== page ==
- By David BoscoDavid Bosco, a Foreign Policy contributing editor and assistant professor at American University's School of International Service. He is at work on a book about the International Criminal Court's first decade.
The country has dropped to 158th place (out of 178), and now shares a score of 2.1 with Cameroon and Tajikistan. It’s also the most corrupt of the Brics…..India came in at 116th, with a score of 3.4, while China ranked 78th at 3.5, and Brazil ranked 69th with a score of 3.7.
For a term coined by an investment bank almost a decade ago, the BRIC label has been remarkably durable. And at certain moments, the BRIC countries themselves have embraced a group identity, even holding summits the last two years. But the latest report raises the question of whether B, I, and C may not wish to be so closely associated with R in the future. After all, China’s economic performance dwarfs Russia’s. And Brazil and India are justifiably proud that they’ve managed to pair strong economic growth with vibrant democracy. If they do conclude that they’re better off without being constantly linked to Russia, however, they’ll have to figure out how to extricate themselves from a grouping they didn’t create in the first place.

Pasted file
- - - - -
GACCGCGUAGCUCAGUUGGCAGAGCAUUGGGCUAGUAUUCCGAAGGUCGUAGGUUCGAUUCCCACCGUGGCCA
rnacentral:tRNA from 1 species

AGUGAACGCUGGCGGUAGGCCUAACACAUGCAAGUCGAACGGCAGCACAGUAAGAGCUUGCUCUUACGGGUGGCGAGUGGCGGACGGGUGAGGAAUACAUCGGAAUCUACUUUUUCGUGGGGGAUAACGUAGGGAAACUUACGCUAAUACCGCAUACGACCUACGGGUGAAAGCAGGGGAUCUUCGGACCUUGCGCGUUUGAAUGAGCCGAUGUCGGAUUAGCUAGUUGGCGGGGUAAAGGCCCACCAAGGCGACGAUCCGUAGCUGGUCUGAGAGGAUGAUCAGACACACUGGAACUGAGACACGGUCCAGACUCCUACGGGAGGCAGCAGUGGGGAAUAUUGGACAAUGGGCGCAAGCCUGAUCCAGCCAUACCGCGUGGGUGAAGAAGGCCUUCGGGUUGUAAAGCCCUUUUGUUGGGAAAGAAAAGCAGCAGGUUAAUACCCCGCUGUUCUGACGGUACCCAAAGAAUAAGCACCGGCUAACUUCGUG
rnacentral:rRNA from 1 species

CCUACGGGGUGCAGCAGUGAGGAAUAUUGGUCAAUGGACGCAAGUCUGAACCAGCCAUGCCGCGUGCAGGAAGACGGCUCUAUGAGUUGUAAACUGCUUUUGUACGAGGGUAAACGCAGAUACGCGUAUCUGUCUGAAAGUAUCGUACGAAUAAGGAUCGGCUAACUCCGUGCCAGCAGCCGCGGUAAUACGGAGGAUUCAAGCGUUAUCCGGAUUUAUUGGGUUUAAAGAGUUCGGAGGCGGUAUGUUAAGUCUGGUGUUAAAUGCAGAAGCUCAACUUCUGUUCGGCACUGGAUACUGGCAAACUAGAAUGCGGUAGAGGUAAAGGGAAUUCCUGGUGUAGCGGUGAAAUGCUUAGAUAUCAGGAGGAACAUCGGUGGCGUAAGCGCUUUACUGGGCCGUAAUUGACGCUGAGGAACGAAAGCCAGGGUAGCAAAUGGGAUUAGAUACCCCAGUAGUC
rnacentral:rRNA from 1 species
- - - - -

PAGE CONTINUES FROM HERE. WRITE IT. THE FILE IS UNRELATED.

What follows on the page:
Joshua Keating is associate editor at Foreign Policy and the editor of the Passport blog. He has worked as a researcher, editorial assistant, and deputy Web editor since joining the FP staff in 2007. In addition to being featured in Foreign Policy, his writing has been published by the Washington Post, Newsweek International, Radio Prague, the Center for Defense Information, and Romania's Adevarul newspaper. He has appeared as a commentator on CNN International, C-Span, ABC News, Al Jazeera, NPR, BBC radio, and others. A native of Brooklyn, New York, he studied comparative politics at Oberlin College.| War of Ideas |